In case 4, the medium- to long-term bond view depends greatly on the policy response, especially in G4. Of course, government debt has risen sharply since the financial crisis; hence there is much less room for fiscal stimulus. Economies where public debt as a percentage of GDP is relatively low, and more generally where levels of non-financial debt is contained (Graph 8), are expected to offer better resilience, and this is generally expected to be reflected in the relative performance of sovereign bond markets. In a hard landing scenario with durable global economic pain, investors tend to focus on the balance sheet risks. Japan has been an exception, i.e. has remained a safe haven despite its enormous government and more generally non-financial debt load (Graph 7). This is, to a large extent, thanks to its exceptionally large and positive Net International Investment Position (NIIP), which tends to support repatriation in crisis time.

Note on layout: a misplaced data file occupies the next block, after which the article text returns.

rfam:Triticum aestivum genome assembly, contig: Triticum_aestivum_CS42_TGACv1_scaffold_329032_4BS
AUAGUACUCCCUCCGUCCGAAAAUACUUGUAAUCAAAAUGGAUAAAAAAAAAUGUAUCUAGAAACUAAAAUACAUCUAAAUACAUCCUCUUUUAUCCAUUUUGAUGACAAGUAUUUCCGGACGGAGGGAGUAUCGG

Generally, the public debt sustainability issue means that one cannot count on fiscal policy to fix the problem. Market discipline indeed limits the potential for proactive fiscal easing. We see four potential policy directions and they all imply very distinctive scenarios for bonds:
1. Monetary financing. There isn’t much fiscal room, unless central banks accept to finance it. That isn’t possible everywhere, e.g. it is forbidden in the eurozone. In areas where it is possible, central banks might accept to fund new government spending or tax cuts. The US already has had recourse to such a powerful policy mix response, which partly explains its strong economic outperformance, e.g. relative to Europe, since the great recession (a quicker clean-up of the banks also helped).
2. Qualitative easing. Central banks print money, but choose to buy private assets. It remains to be seen whether the transmission mechanism, through the portfolio and credit channels, will be working. By buying private equity and bonds, the central banks facilitate the funding of private entities, but this isn’t necessarily a trigger for them to invest and spend